Intercultural Awareness And Skills

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Intercultural Awareness and Skills

Intercultural Awareness and Skills


This paper is based on the topic of intercultural awareness and skills. This paper is divided into two parts. In Part I, the paper reflects on the importance of national culture based on the theories presented by Hofstede and Trompenaars. In Part II, the discussion on the importance of training and orientation for employees is presented.

Part 1: National Culture

National culture comes into play when attempts are made to apply management practices that have been conceived somewhere else into another country (Geertz, 1973). It makes it so that adaptations, which are sometimes minor but sometimes quite substantial, are necessary. Furthermore, cultural differences are often the source of misunderstandings when companies or individuals coming from different countries work together. A better understanding of the cultures concerned is necessary to reduce these misunderstandings and to allow for better cooperation.

A decisive milestone was reached with Hofstede's monumental research. Appearing initially in 1980 and completed later, this research remains at the heart of the mainstream in this domain. Initially focusing on 39 countries, it led to the characterization of each culture with the scores obtained from four attitude scales: power distance, uncertainty avoidance, individualism, and masculinity (Hofstede, 2001). Thus the individualism score made it possible to contrast societies whose proclaimed values brought individual autonomy to the fore with those whose proclaimed values push the preeminence of the group to the front. It reveals first and foremost the unequal rate of the progress over the planet of the movements of individual emancipation that were born in European societies. The power distance score corresponds to the degree of power that is concentrated at the top of the hierarchy. More thorough research has led to the addition of a fifth dimension (long-term versus short-term orientation) and increased the number of countries studied (Hofstede, 2001). This research confirmed that all aspects of management and the functioning of organizations are affected by the diversity of national cultures: planning, control and accounting, motivation and compensation, leadership and empowerment, performance appraisal and management by objectives, and so forth.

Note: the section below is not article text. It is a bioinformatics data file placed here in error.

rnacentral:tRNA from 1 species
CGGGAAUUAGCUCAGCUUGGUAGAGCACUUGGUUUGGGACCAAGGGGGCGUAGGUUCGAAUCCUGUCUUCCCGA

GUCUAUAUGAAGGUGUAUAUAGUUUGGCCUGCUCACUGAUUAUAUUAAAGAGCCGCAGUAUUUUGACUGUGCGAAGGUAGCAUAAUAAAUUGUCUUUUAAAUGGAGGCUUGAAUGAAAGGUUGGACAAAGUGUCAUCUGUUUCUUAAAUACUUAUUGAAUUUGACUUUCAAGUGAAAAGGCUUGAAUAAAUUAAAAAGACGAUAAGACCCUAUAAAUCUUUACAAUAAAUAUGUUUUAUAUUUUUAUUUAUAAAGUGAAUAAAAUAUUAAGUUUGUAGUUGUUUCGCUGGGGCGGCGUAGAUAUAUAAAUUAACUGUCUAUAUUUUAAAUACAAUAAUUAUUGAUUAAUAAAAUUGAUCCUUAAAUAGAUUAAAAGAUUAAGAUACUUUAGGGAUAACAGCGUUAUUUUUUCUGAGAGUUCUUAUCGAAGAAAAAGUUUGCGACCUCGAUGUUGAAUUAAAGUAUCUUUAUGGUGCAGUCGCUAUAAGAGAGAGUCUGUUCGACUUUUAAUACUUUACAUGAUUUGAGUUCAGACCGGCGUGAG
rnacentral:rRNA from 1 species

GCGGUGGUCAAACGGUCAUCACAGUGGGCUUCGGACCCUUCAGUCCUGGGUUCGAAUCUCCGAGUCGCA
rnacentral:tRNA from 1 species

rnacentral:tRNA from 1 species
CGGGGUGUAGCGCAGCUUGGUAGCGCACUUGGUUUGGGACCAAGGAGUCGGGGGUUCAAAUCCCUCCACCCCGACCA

Hundreds of studies by numerous authors have been conducted since that time seeking to establish correlations between various aspects of the functioning of companies and Hofstede's scores. Thus, for example, a study realized by (Schwartz, 1994) has compared the metaphors used in a group of countries to evoke the notion of teamwork and sought to compare the relative frequency of military, sports, familial, and other forms of metaphors with the scores obtained in the countries under consideration. Moreover, other authors, among whom we can mention Schwartz, have conducted new research based on the same approach by constructing other attitude scales, with other questionnaires, other population samplings, and different means of processing statistics (Hofstede, 1984).

While the mainstream has been thus employing an approach borrowed from social psychology, a more recent current has inherited the linguistic turn that has marked anthropology since the 1950s. The culture is conceived as a realm of meaning that orients the meanings that ...
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